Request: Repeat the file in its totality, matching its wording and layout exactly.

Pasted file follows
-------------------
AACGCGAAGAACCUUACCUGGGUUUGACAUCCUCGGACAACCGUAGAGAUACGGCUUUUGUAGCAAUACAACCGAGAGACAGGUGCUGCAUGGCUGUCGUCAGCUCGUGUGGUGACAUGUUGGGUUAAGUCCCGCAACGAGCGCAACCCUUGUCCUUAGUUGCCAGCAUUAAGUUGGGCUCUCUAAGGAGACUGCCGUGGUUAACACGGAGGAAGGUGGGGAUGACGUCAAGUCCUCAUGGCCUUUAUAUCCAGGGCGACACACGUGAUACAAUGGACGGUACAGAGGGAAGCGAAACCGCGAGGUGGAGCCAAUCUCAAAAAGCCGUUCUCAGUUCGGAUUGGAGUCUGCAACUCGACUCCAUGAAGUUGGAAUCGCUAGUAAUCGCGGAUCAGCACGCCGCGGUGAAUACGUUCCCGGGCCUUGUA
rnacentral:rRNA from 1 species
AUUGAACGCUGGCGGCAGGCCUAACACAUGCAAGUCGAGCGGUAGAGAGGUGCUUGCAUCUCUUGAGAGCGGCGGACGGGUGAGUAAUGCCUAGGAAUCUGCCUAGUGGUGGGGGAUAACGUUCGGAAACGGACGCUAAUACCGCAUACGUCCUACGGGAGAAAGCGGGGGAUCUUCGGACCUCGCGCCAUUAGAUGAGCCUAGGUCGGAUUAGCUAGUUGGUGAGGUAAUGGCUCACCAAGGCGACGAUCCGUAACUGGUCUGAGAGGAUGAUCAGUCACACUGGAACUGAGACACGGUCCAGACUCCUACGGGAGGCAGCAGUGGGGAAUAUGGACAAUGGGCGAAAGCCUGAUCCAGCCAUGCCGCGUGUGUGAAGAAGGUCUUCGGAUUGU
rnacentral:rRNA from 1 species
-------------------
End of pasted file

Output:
AACGCGAAGAACCUUACCUGGGUUUGACAUCCUCGGACAACCGUAGAGAUACGGCUUUUGUAGCAAUACAACCGAGAGACAGGUGCUGCAUGGCUGUCGUCAGCUCGUGUGGUGACAUGUUGGGUUAAGUCCCGCAACGAGCGCAACCCUUGUCCUUAGUUGCCAGCAUUAAGUUGGGCUCUCUAAGGAGACUGCCGUGGUUAACACGGAGGAAGGUGGGGAUGACGUCAAGUCCUCAUGGCCUUUAUAUCCAGGGCGACACACGUGAUACAAUGGACGGUACAGAGGGAAGCGAAACCGCGAGGUGGAGCCAAUCUCAAAAAGCCGUUCUCAGUUCGGAUUGGAGUCUGCAACUCGACUCCAUGAAGUUGGAAUCGCUAGUAAUCGCGGAUCAGCACGCCGCGGUGAAUACGUUCCCGGGCCUUGUA
rnacentral:rRNA from 1 species
AUUGAACGCUGGCGGCAGGCCUAACACAUGCAAGUCGAGCGGUAGAGAGGUGCUUGCAUCUCUUGAGAGCGGCGGACGGGUGAGUAAUGCCUAGGAAUCUGCCUAGUGGUGGGGGAUAACGUUCGGAAACGGACGCUAAUACCGCAUACGUCCUACGGGAGAAAGCGGGGGAUCUUCGGACCUCGCGCCAUUAGAUGAGCCUAGGUCGGAUUAGCUAGUUGGUGAGGUAAUGGCUCACCAAGGCGACGAUCCGUAACUGGUCUGAGAGGAUGAUCAGUCACACUGGAACUGAGACACGGUCCAGACUCCUACGGGAGGCAGCAGUGGGGAAUAUGGACAAUGGGCGAAAGCCUGAUCCAGCCAUGCCGCGUGUGUGAAGAAGGUCUUCGGAUUGU
rnacentral:rRNA from 1 species